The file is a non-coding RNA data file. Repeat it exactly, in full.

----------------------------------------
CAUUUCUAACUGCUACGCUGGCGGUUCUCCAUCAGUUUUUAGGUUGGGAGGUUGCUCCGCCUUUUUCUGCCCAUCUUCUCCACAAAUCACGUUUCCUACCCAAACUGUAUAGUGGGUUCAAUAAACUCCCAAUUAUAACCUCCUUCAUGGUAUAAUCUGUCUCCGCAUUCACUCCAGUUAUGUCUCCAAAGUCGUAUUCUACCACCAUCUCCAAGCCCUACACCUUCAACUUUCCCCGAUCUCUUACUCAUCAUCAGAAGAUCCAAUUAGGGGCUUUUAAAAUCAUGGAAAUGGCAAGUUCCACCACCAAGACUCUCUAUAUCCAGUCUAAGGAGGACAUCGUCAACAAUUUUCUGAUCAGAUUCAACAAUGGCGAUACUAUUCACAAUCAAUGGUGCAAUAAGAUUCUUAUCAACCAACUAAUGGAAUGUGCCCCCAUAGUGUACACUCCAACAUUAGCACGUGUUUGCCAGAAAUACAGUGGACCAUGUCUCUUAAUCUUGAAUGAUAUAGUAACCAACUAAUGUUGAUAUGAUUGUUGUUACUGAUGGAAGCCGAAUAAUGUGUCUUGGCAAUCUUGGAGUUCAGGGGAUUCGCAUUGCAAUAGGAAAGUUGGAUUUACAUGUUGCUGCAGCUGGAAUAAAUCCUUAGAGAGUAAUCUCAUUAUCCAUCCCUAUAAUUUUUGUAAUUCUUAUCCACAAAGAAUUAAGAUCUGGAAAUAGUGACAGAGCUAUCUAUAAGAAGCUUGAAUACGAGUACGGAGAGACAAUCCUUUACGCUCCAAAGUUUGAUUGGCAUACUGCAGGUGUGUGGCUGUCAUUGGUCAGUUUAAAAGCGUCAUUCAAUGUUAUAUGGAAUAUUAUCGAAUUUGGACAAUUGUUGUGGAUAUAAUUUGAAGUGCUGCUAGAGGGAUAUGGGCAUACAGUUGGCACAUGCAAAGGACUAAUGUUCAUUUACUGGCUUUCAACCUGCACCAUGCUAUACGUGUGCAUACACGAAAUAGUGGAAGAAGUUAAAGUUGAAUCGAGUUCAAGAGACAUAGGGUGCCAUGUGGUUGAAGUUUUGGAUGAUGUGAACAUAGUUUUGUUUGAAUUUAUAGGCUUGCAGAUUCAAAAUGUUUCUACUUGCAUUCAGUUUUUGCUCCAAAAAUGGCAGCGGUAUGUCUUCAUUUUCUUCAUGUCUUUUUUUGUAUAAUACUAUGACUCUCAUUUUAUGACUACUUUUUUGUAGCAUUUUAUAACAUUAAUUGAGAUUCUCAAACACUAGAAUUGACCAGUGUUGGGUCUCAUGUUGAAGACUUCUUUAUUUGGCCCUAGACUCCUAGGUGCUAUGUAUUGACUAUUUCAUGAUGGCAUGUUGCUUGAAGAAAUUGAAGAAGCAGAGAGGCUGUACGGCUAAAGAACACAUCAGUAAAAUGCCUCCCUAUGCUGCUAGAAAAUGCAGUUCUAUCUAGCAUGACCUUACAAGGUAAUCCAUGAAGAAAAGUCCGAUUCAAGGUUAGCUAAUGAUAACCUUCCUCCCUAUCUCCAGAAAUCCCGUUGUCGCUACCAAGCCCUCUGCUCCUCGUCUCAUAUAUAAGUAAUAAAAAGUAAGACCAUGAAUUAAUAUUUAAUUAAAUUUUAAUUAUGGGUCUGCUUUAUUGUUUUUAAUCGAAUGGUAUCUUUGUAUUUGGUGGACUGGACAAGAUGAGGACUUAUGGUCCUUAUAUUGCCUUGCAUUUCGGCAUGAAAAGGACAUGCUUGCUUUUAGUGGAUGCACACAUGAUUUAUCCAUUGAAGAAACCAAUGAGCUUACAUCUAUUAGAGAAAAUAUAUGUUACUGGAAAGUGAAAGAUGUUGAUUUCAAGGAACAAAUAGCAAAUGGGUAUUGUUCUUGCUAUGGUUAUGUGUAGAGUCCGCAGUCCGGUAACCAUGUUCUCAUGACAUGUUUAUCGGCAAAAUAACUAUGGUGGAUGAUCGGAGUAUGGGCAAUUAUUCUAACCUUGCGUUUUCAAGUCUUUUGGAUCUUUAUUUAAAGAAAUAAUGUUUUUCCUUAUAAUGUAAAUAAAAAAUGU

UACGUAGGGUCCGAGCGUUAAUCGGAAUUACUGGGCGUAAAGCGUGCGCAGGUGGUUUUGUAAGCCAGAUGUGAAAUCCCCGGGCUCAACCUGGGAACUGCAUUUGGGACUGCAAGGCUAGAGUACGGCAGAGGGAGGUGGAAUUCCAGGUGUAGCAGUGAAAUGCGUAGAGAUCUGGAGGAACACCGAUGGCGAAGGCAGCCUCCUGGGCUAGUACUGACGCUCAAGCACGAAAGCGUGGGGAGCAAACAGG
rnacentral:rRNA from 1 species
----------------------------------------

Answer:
CAUUUCUAACUGCUACGCUGGCGGUUCUCCAUCAGUUUUUAGGUUGGGAGGUUGCUCCGCCUUUUUCUGCCCAUCUUCUCCACAAAUCACGUUUCCUACCCAAACUGUAUAGUGGGUUCAAUAAACUCCCAAUUAUAACCUCCUUCAUGGUAUAAUCUGUCUCCGCAUUCACUCCAGUUAUGUCUCCAAAGUCGUAUUCUACCACCAUCUCCAAGCCCUACACCUUCAACUUUCCCCGAUCUCUUACUCAUCAUCAGAAGAUCCAAUUAGGGGCUUUUAAAAUCAUGGAAAUGGCAAGUUCCACCACCAAGACUCUCUAUAUCCAGUCUAAGGAGGACAUCGUCAACAAUUUUCUGAUCAGAUUCAACAAUGGCGAUACUAUUCACAAUCAAUGGUGCAAUAAGAUUCUUAUCAACCAACUAAUGGAAUGUGCCCCCAUAGUGUACACUCCAACAUUAGCACGUGUUUGCCAGAAAUACAGUGGACCAUGUCUCUUAAUCUUGAAUGAUAUAGUAACCAACUAAUGUUGAUAUGAUUGUUGUUACUGAUGGAAGCCGAAUAAUGUGUCUUGGCAAUCUUGGAGUUCAGGGGAUUCGCAUUGCAAUAGGAAAGUUGGAUUUACAUGUUGCUGCAGCUGGAAUAAAUCCUUAGAGAGUAAUCUCAUUAUCCAUCCCUAUAAUUUUUGUAAUUCUUAUCCACAAAGAAUUAAGAUCUGGAAAUAGUGACAGAGCUAUCUAUAAGAAGCUUGAAUACGAGUACGGAGAGACAAUCCUUUACGCUCCAAAGUUUGAUUGGCAUACUGCAGGUGUGUGGCUGUCAUUGGUCAGUUUAAAAGCGUCAUUCAAUGUUAUAUGGAAUAUUAUCGAAUUUGGACAAUUGUUGUGGAUAUAAUUUGAAGUGCUGCUAGAGGGAUAUGGGCAUACAGUUGGCACAUGCAAAGGACUAAUGUUCAUUUACUGGCUUUCAACCUGCACCAUGCUAUACGUGUGCAUACACGAAAUAGUGGAAGAAGUUAAAGUUGAAUCGAGUUCAAGAGACAUAGGGUGCCAUGUGGUUGAAGUUUUGGAUGAUGUGAACAUAGUUUUGUUUGAAUUUAUAGGCUUGCAGAUUCAAAAUGUUUCUACUUGCAUUCAGUUUUUGCUCCAAAAAUGGCAGCGGUAUGUCUUCAUUUUCUUCAUGUCUUUUUUUGUAUAAUACUAUGACUCUCAUUUUAUGACUACUUUUUUGUAGCAUUUUAUAACAUUAAUUGAGAUUCUCAAACACUAGAAUUGACCAGUGUUGGGUCUCAUGUUGAAGACUUCUUUAUUUGGCCCUAGACUCCUAGGUGCUAUGUAUUGACUAUUUCAUGAUGGCAUGUUGCUUGAAGAAAUUGAAGAAGCAGAGAGGCUGUACGGCUAAAGAACACAUCAGUAAAAUGCCUCCCUAUGCUGCUAGAAAAUGCAGUUCUAUCUAGCAUGACCUUACAAGGUAAUCCAUGAAGAAAAGUCCGAUUCAAGGUUAGCUAAUGAUAACCUUCCUCCCUAUCUCCAGAAAUCCCGUUGUCGCUACCAAGCCCUCUGCUCCUCGUCUCAUAUAUAAGUAAUAAAAAGUAAGACCAUGAAUUAAUAUUUAAUUAAAUUUUAAUUAUGGGUCUGCUUUAUUGUUUUUAAUCGAAUGGUAUCUUUGUAUUUGGUGGACUGGACAAGAUGAGGACUUAUGGUCCUUAUAUUGCCUUGCAUUUCGGCAUGAAAAGGACAUGCUUGCUUUUAGUGGAUGCACACAUGAUUUAUCCAUUGAAGAAACCAAUGAGCUUACAUCUAUUAGAGAAAAUAUAUGUUACUGGAAAGUGAAAGAUGUUGAUUUCAAGGAACAAAUAGCAAAUGGGUAUUGUUCUUGCUAUGGUUAUGUGUAGAGUCCGCAGUCCGGUAACCAUGUUCUCAUGACAUGUUUAUCGGCAAAAUAACUAUGGUGGAUGAUCGGAGUAUGGGCAAUUAUUCUAACCUUGCGUUUUCAAGUCUUUUGGAUCUUUAUUUAAAGAAAUAAUGUUUUUCCUUAUAAUGUAAAUAAAAAAUGU

UACGUAGGGUCCGAGCGUUAAUCGGAAUUACUGGGCGUAAAGCGUGCGCAGGUGGUUUUGUAAGCCAGAUGUGAAAUCCCCGGGCUCAACCUGGGAACUGCAUUUGGGACUGCAAGGCUAGAGUACGGCAGAGGGAGGUGGAAUUCCAGGUGUAGCAGUGAAAUGCGUAGAGAUCUGGAGGAACACCGAUGGCGAAGGCAGCCUCCUGGGCUAGUACUGACGCUCAAGCACGAAAGCGUGGGGAGCAAACAGG
rnacentral:rRNA from 1 species